“Leadership is not about easy choices, it’s usually about difficult decisions. Effective leaders, the ones who make a positive difference for the people they represent, confront difficult decisions every day. They know difficult decisions cannot be avoided, and they know that their effectiveness as leaders depends on them being there to make those difficult decisions. Chief Spence took the difficult decision two weeks ago to put her health and soul on the line for her belief that the Crown and prime minister were ignoring, if not trampling, on her peoples’ treaty and aboriginal rights. Now she must make another equally difficult decision — end her hunger strike and return to Attawapiskat to continue to serve her constituents, to provide them with her capacity for effective and vital leadership, and to comfort and care for her family.”

Christie Blatchford, Postmedia News

“Hunger strikes have a way of reducing complex issues to the most simple elements: Natives are suffering, and Chief Spence, as she has said repeatedly, is prepared to starve herself to death until and unless she gets that meeting with the PM. It is tempting to see the action as one of intimidation, if not terrorism: She is, after all, holding the state hostage to vaguely articulated demands. But if she were to die on Harper’s watch, it would  not only be tragic, but also disastrous.”

Sheila North Wilson, Rabble

“What he should know about Chief Spence’s hunger strike however, is that many First Nations people are moved and they are not only talking about why the government needs to change its attitude about native people but many are also acting to reclaim their place in Canada. To make things right for our families and our future generations. That in essence is what the Idle No More movement and Chief Spence’s hunger strike is all about. To show our united front, many of us are participating in flash mobs and rallies, and these peaceful movements are now happening all over the world. These public protests are helping the world understand some of the main issues and causing people of all cultures to start asking questions about why the Canadian government treats First Nations people with such distain and contempt.”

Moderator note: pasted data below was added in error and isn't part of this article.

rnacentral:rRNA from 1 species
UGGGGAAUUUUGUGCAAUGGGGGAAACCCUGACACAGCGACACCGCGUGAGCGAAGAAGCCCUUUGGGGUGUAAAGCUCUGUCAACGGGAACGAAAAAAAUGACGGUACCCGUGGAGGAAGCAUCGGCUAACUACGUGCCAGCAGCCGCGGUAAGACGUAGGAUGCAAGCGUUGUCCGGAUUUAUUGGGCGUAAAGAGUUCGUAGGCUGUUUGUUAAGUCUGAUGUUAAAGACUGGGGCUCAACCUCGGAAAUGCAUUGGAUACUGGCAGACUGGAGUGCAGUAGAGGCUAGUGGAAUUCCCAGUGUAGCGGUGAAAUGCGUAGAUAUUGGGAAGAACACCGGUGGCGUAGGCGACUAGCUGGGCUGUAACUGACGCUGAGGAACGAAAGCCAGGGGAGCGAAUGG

Patricia Hawes, The Chronicle Herald

“For goodness sake, Prime Minister Harper, please meet with Chief Theresa Spence. Your silence is deafening and heartless! What is the harm of beginning to talk with our First Nations people? They are an integral and valued part of our nation and heritage.”

Robin Brentnall, The Toronto Star

“A good friend has been on a hunger strike for 18 days. Why would a person go on a hunger strike you may ask? What would get that person to stop the hunger strike? The answer, and my wish, is simple: I wish for Prime Minister Stephen Harper to meet as soon as possible with Theresa Spence, Chief of Attawapiskat, to discuss our First Nations’ concerns. Is that too much to ask?”

Editorial, WFP

“It would be a mistake to dismiss the aboriginal hunger strikes and demonstrations occurring now across Canada as merely the latest in a series of angry outbursts that will disappear as suddenly as they appeared, only to surface again in the future following the next complaint of injustice and violation of rights. It would also be a mistake, however, to presume that the issues are one-sided — that the national government must alone act before equity for Canada’s beleaguered First Nations can be achieved. Aboriginals, too, must also be prepared to consider and propose fundamental reforms that would help lift them out of poverty and despair. It is not enough to simply demand more, without offering a plan for a different way of doing business.”